Short Takes: FAM 2013 Special Edition

Short Takes: FAM 2013 Special Edition

An often irreverent look at this week's FAM news

An often irreverent look at this week's news from the Microsoft Financial Analysts Meeting ...

Keeping It in the FAM

Microsoft held its 2013 Financial Analysts Meeting (FAM) yesterday, unloading a whole lot of love on Wall Street in the hopes that analysts will stop using the word "doomed" every time they discuss the company and its current corporate strategy. There was a lot of information at the event, and some very interesting tidbits about Microsoft's direction. So this edition of Short Takes will focus exclusively on news from the event. There's a bunch of it.

No Microsoft CEO News for You

The question everyone wanted answered at this year's event was dispensed with right up front when Microsoft CFO Amy Hood announced that the firm would not discuss this process. "There will be no further update on that today," she said, causing me to scurry for a bit to find the previous update. "The board continues on the process that we laid out in late August. So while I appreciate the questions, we're working the process that we laid out, and we'll update you when appropriate." So there you go.

Related: "Assessing the Ballmer Years"

Steve Ballmer's Biggest Regret

Speaking of the CEO, Steve Ballmer's FAM presentation was interesting on a number of levels, but the most poignant moment was when he expressed his biggest regret at Microsoft: focusing so much on Windows that he neglected to see the market shift toward smartphones and smaller, simpler computing devices. "I regret that there was a period in the early 2000s when we were so focused on what we had to do around Windows that we weren’t able to redeploy talent to the new device called the phone. That is thing I regret the most. It would have been better for Windows and our success in other foreign factors." Today, Windows Phone has "almost no share," to use Ballmer's words. But in a "making lemonade" moment, he also claimed that situation provided the firm with "significant upside opportunities" for growth. Sure.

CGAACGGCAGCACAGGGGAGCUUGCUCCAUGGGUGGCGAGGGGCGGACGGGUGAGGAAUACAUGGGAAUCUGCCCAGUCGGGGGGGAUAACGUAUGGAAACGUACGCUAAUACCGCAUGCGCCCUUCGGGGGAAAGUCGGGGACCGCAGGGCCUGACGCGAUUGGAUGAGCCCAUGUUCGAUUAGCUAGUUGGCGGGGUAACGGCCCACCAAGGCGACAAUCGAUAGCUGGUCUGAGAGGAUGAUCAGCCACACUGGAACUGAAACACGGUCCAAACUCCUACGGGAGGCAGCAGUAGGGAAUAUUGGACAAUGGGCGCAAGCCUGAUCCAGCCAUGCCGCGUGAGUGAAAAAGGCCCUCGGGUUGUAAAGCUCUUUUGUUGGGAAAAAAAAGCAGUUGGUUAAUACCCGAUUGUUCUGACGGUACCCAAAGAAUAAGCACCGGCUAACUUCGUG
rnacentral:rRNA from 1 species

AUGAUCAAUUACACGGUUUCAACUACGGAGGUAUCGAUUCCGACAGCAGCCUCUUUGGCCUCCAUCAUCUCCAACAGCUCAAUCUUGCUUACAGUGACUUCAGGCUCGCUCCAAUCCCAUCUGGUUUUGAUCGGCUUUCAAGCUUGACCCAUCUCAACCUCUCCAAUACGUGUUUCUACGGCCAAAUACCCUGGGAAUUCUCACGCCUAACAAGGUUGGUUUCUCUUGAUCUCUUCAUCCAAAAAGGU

Microsoft Is Now Naturally Very Focused on the Consumer Segment

Explaining that Microsoft's business was both balanced and diverse, Microsoft COO Kevin Turner made a reasonable case for why the company must focus on consumers. But the accompanying chart, shown below, has caused some to misinterpret Microsoft's customer base, as it appears to suggest that 61 percent of it is business-based (enterprise + small and midsized business) while only 20 percent is consumers. Not so, Turner explained: "A fair piece of the OEM [business, which is 19 percent of Microsoft's overall business] is also consumer," he said. Which makes sense: OEMs are the PC makers and other hardware makers that indirectly sell Windows to end users. Turner never explained what "fair piece" means mathematically, but if it's a 50-50 split, then fully 30 percent of Microsoft's revenues come directly from consumers. And I bet it's higher than that.

Surface Did Upset Microsoft Partners, but Windows 8.1 Has Made Everything OK Again

I'm not sure I follow the logic on this one, but Turner also admitted that Microsoft's entry into the PC hardware business with Surface last year caused "a lot of consternation" among its PC maker partners. But somehow now everything is A-OK. "Today, [the PC makers] would tell you that the progress we made in [Windows] 8.1—because we have a first-party product at Microsoft—is far superior to anything we've ever delivered." Um. So I'm just going to call BS on that one and tell you what I think is the real reason that PC makers are suddenly OK with Surface: Surface has utterly failed in the marketplace and has provided Microsoft with a nearly $1 billion sinkhole in its first year alone. It's no wonder they're in better moods.

Related: "How to Make the Surface Pro v2 a Success"

What's the Role for Windows RT Going Forward?

Windows RT, the ARM-based version of Windows, hasn't exactly set the world on fire. So it's only natural that analysts had questions about this platform and wondered why Microsoft would continue to invest in a product no one wants. According to Terry Myerson, the former Windows Phone executive who now leads all OS development at Microsoft, Windows RT's future will involve a merging with Windows Phone. I think. "Windows RT was our first ARM tablet," he said, incorrectly, since Windows RT is a software product. "And as phones extend into tablets, expect us to see many more ARM tablets, Windows ARM tablets in the future." Elsewhere he noted that Microsoft would "have one silicon interface for all of our devices ... one set of developer APIs on all of our devices. And all of the apps we bring to end users should be available on all of our devices ... We have a very clear vision of what we want to get done, and we're moving very fast."